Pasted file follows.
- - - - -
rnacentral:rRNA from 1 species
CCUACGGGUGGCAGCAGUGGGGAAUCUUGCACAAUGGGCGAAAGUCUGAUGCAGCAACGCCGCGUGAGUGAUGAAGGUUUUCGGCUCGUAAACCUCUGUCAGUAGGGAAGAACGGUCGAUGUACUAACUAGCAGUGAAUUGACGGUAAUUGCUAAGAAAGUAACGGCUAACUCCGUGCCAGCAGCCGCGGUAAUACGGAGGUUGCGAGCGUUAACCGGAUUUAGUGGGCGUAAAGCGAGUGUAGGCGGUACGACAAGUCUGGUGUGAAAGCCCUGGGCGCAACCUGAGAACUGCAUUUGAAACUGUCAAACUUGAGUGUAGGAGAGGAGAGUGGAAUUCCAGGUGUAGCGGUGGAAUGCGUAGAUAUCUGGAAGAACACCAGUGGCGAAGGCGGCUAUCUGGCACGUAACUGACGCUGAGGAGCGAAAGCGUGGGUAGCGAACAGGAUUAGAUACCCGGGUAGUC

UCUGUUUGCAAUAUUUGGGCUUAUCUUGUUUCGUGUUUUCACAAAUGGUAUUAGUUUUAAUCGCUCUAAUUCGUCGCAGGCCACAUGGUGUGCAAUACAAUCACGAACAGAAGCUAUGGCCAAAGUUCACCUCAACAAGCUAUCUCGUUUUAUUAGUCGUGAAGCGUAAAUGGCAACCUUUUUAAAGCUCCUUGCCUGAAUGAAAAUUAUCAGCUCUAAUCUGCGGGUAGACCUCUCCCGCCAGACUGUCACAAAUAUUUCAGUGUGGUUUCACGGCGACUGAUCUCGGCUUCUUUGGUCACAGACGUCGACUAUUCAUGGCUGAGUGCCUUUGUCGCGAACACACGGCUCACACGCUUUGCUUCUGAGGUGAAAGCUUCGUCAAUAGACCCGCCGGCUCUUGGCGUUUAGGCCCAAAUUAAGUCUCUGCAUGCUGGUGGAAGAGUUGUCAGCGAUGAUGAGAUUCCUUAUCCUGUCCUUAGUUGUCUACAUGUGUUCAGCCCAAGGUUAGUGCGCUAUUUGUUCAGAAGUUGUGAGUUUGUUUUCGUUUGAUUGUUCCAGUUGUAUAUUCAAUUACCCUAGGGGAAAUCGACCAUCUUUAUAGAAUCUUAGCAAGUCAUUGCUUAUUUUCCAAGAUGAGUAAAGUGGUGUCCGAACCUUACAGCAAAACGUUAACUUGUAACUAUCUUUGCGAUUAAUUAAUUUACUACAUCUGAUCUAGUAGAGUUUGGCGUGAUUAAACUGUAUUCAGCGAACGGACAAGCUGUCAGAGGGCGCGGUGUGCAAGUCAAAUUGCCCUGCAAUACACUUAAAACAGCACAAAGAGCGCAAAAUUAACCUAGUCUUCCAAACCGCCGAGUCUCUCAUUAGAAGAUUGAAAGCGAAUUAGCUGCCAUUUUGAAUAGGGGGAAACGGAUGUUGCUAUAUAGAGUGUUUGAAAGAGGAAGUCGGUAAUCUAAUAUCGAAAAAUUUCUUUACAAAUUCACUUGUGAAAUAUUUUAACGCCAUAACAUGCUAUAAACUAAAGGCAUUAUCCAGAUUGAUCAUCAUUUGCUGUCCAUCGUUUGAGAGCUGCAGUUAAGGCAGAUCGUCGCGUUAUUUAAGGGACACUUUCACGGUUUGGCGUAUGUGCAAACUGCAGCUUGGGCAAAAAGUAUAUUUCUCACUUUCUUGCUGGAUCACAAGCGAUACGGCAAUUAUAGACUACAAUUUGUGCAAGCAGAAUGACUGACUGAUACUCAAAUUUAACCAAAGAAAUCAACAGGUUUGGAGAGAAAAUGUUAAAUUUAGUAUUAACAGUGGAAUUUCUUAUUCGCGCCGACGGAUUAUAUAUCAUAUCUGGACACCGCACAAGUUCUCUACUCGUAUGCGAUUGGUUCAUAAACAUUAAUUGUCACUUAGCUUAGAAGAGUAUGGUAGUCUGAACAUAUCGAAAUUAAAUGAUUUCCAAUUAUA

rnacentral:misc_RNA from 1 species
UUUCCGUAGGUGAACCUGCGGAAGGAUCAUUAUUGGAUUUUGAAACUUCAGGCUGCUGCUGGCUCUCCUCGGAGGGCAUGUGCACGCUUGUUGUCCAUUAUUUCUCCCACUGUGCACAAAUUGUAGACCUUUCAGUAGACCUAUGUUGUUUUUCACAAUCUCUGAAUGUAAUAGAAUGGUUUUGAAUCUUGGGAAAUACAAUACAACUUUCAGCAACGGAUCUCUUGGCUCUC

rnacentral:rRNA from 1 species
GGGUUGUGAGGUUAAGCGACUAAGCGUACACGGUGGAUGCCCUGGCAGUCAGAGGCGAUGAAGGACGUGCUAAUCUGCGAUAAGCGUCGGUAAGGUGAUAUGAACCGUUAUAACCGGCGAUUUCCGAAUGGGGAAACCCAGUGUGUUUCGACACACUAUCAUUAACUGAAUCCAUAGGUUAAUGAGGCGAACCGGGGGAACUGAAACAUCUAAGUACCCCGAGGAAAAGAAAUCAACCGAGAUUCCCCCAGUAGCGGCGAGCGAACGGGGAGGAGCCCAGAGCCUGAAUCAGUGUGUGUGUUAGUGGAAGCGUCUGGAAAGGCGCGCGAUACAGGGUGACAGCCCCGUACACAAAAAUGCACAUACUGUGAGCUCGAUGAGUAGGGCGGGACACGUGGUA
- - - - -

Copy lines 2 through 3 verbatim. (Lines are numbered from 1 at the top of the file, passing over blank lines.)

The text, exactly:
CCUACGGGUGGCAGCAGUGGGGAAUCUUGCACAAUGGGCGAAAGUCUGAUGCAGCAACGCCGCGUGAGUGAUGAAGGUUUUCGGCUCGUAAACCUCUGUCAGUAGGGAAGAACGGUCGAUGUACUAACUAGCAGUGAAUUGACGGUAAUUGCUAAGAAAGUAACGGCUAACUCCGUGCCAGCAGCCGCGGUAAUACGGAGGUUGCGAGCGUUAACCGGAUUUAGUGGGCGUAAAGCGAGUGUAGGCGGUACGACAAGUCUGGUGUGAAAGCCCUGGGCGCAACCUGAGAACUGCAUUUGAAACUGUCAAACUUGAGUGUAGGAGAGGAGAGUGGAAUUCCAGGUGUAGCGGUGGAAUGCGUAGAUAUCUGGAAGAACACCAGUGGCGAAGGCGGCUAUCUGGCACGUAACUGACGCUGAGGAGCGAAAGCGUGGGUAGCGAACAGGAUUAGAUACCCGGGUAGUC

UCUGUUUGCAAUAUUUGGGCUUAUCUUGUUUCGUGUUUUCACAAAUGGUAUUAGUUUUAAUCGCUCUAAUUCGUCGCAGGCCACAUGGUGUGCAAUACAAUCACGAACAGAAGCUAUGGCCAAAGUUCACCUCAACAAGCUAUCUCGUUUUAUUAGUCGUGAAGCGUAAAUGGCAACCUUUUUAAAGCUCCUUGCCUGAAUGAAAAUUAUCAGCUCUAAUCUGCGGGUAGACCUCUCCCGCCAGACUGUCACAAAUAUUUCAGUGUGGUUUCACGGCGACUGAUCUCGGCUUCUUUGGUCACAGACGUCGACUAUUCAUGGCUGAGUGCCUUUGUCGCGAACACACGGCUCACACGCUUUGCUUCUGAGGUGAAAGCUUCGUCAAUAGACCCGCCGGCUCUUGGCGUUUAGGCCCAAAUUAAGUCUCUGCAUGCUGGUGGAAGAGUUGUCAGCGAUGAUGAGAUUCCUUAUCCUGUCCUUAGUUGUCUACAUGUGUUCAGCCCAAGGUUAGUGCGCUAUUUGUUCAGAAGUUGUGAGUUUGUUUUCGUUUGAUUGUUCCAGUUGUAUAUUCAAUUACCCUAGGGGAAAUCGACCAUCUUUAUAGAAUCUUAGCAAGUCAUUGCUUAUUUUCCAAGAUGAGUAAAGUGGUGUCCGAACCUUACAGCAAAACGUUAACUUGUAACUAUCUUUGCGAUUAAUUAAUUUACUACAUCUGAUCUAGUAGAGUUUGGCGUGAUUAAACUGUAUUCAGCGAACGGACAAGCUGUCAGAGGGCGCGGUGUGCAAGUCAAAUUGCCCUGCAAUACACUUAAAACAGCACAAAGAGCGCAAAAUUAACCUAGUCUUCCAAACCGCCGAGUCUCUCAUUAGAAGAUUGAAAGCGAAUUAGCUGCCAUUUUGAAUAGGGGGAAACGGAUGUUGCUAUAUAGAGUGUUUGAAAGAGGAAGUCGGUAAUCUAAUAUCGAAAAAUUUCUUUACAAAUUCACUUGUGAAAUAUUUUAACGCCAUAACAUGCUAUAAACUAAAGGCAUUAUCCAGAUUGAUCAUCAUUUGCUGUCCAUCGUUUGAGAGCUGCAGUUAAGGCAGAUCGUCGCGUUAUUUAAGGGACACUUUCACGGUUUGGCGUAUGUGCAAACUGCAGCUUGGGCAAAAAGUAUAUUUCUCACUUUCUUGCUGGAUCACAAGCGAUACGGCAAUUAUAGACUACAAUUUGUGCAAGCAGAAUGACUGACUGAUACUCAAAUUUAACCAAAGAAAUCAACAGGUUUGGAGAGAAAAUGUUAAAUUUAGUAUUAACAGUGGAAUUUCUUAUUCGCGCCGACGGAUUAUAUAUCAUAUCUGGACACCGCACAAGUUCUCUACUCGUAUGCGAUUGGUUCAUAAACAUUAAUUGUCACUUAGCUUAGAAGAGUAUGGUAGUCUGAACAUAUCGAAAUUAAAUGAUUUCCAAUUAUA